While this was going on in Macedonia, the consuls departed for their provinces.
Marcellus sent a messenger ahead to the proconsul Lucius Porcius, ordering him to move the legions to the new town of the Gauls.1
On the arrival of the consul the Gauls surrendered. There were twelve thousand armed men: most of them had weapons picked up in the country;
these were taken from them, to their great displeasure, and whatever else they had either carried off while ravaging the fields or had brought with them. They sent ambassadors to Rome to complain of this treatment.
Introduced to the senate by Gaius Valerius the praetor, they explained that since the population of Gaul was too great, compelled by poverty and the unproductiveness of the soil, they had crossed the Alps in search of a home, and when they found a region which was untilled for lack of settlers, there they established themselves without injuring anyone.
They had even, they said, begun to build a town, which was an indication that they had come with no design to harm either farm or city. Recently Marcus Claudius had sent a message to them that he would make war upon them if they did-not surrender.
Preferring an assured though unattractive peace to the uncertainties of war, they had entrusted [p. 393]
themselves to the good faith rather than to the power of2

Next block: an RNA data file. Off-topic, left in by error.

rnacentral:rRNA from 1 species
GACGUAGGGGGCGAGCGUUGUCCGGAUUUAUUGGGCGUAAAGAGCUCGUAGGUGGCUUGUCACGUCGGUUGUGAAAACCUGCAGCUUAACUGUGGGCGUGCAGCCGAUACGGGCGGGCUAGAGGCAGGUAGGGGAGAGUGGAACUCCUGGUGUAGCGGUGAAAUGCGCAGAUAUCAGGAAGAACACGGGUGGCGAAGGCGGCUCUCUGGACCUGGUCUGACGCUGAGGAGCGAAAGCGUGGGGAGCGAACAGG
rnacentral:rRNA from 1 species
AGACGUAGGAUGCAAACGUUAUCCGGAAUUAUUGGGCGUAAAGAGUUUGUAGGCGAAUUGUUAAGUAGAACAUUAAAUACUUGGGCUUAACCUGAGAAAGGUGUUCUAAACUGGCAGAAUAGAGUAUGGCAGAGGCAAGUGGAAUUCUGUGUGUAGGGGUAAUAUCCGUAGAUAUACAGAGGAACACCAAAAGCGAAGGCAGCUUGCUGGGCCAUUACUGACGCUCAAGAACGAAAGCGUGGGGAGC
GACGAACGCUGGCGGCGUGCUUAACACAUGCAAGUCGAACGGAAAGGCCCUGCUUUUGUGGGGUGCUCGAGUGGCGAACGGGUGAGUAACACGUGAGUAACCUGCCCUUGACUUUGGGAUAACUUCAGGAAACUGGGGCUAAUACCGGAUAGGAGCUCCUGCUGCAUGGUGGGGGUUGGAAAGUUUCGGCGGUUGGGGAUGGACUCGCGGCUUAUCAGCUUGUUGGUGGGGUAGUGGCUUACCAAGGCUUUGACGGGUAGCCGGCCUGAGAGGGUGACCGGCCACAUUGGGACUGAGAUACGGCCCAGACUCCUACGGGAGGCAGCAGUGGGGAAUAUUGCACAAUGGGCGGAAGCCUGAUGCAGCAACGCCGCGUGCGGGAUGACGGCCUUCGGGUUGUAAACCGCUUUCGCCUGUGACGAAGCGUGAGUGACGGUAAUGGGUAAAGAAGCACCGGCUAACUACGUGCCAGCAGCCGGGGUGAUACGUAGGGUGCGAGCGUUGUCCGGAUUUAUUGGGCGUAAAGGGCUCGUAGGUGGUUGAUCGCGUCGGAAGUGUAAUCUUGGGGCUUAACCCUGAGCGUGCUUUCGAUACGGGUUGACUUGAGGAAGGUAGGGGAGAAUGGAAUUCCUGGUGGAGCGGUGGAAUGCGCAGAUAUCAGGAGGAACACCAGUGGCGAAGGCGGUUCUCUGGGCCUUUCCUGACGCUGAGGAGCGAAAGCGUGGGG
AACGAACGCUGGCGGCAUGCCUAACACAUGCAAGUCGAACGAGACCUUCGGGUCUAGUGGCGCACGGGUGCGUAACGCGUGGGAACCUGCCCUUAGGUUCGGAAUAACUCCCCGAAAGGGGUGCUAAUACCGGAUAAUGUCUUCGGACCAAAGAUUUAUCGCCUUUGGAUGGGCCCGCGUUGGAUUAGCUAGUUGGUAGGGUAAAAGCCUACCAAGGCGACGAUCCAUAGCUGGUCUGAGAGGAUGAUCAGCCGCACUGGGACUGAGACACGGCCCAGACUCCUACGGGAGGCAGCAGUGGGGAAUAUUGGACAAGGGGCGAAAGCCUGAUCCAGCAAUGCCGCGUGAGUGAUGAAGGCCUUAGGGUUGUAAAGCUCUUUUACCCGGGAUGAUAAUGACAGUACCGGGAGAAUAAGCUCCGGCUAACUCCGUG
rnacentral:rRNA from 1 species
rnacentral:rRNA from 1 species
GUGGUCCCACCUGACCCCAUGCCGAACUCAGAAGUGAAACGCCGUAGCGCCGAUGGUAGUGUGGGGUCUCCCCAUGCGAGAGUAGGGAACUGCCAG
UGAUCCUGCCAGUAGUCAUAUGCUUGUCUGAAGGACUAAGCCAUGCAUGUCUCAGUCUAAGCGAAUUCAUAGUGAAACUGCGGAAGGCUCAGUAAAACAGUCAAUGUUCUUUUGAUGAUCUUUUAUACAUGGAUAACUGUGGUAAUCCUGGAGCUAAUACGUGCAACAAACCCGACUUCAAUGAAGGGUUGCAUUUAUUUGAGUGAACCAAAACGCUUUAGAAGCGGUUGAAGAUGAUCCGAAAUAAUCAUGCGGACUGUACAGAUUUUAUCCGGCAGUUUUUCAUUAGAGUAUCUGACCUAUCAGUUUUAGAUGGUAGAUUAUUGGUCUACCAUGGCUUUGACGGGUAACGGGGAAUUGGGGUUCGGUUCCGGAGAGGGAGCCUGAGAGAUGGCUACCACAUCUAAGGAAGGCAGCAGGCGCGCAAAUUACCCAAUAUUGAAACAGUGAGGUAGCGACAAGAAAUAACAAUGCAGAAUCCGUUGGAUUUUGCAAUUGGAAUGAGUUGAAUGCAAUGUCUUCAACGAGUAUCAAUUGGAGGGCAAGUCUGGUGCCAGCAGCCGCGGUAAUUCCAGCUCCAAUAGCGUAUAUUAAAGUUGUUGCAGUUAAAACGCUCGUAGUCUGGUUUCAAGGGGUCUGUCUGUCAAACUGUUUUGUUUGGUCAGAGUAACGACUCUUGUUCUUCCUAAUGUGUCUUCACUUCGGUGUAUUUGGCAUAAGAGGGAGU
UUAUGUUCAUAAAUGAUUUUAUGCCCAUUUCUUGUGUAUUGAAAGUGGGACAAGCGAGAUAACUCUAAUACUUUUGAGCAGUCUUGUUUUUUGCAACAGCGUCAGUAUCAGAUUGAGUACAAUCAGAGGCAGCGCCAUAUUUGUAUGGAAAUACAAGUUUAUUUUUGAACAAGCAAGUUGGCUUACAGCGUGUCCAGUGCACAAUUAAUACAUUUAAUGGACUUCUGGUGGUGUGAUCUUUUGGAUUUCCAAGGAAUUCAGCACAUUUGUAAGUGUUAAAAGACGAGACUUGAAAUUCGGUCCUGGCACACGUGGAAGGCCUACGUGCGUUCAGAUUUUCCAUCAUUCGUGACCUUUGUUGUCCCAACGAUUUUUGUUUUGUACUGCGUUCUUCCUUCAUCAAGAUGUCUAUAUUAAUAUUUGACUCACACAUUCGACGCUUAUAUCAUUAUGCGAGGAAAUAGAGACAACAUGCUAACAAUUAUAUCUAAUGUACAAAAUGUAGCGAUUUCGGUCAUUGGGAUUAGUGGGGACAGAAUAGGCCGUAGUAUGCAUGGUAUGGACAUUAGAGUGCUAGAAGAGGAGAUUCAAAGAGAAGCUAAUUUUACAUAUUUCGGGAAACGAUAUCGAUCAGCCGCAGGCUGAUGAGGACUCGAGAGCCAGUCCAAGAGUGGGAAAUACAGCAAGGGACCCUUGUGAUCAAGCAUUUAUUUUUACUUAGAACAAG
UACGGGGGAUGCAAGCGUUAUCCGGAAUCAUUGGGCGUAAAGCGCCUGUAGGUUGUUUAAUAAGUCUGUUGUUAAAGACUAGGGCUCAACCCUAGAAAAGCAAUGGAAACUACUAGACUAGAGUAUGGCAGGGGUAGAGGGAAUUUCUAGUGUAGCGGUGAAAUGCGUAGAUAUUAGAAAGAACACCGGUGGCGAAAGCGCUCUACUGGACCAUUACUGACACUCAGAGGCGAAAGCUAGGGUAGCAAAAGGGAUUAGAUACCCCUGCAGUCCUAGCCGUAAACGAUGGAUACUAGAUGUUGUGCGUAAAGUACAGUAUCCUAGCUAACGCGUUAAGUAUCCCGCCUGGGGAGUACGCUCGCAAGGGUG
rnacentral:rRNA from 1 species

the Roman people.3
When, a few days later, they were ordered to leave the town and the country as well, they had planned to go away in silence, wherever in the world they could. Then, they went on to say, their arms were taken from them, and finally everything else which they were carrying or
driving. They begged the senate and the Roman people not to treat innocent persons who had surrendered more harshly than
enemies. The senate ordered the reply to be given to this appeal, that neither had they acted properly when they came into Italy and attempted to build a town on others' land, without the permission of any Roman magistrate who was in charge of that province;4
nor did it please the senate to despoil men who had
surrendered. Accordingly, the senate would send with them ambassadors to the consul who would direct him, on condition that they would return whence they had come, to give back all their property, and who would then cross the Alps and warn the Gallic tribes to keep their population at home: the Alps were an almost insuperable boundary between
them: in any case they would fare no better than those who had first made them passable.5
The ambassadors who were sent were Lucius Furius Purpurio,6
Quintus Minucius, Lucius Manlius
Acidinus. The Gauls, having recovered all the property which they acquired without injuring anyone, left Italy.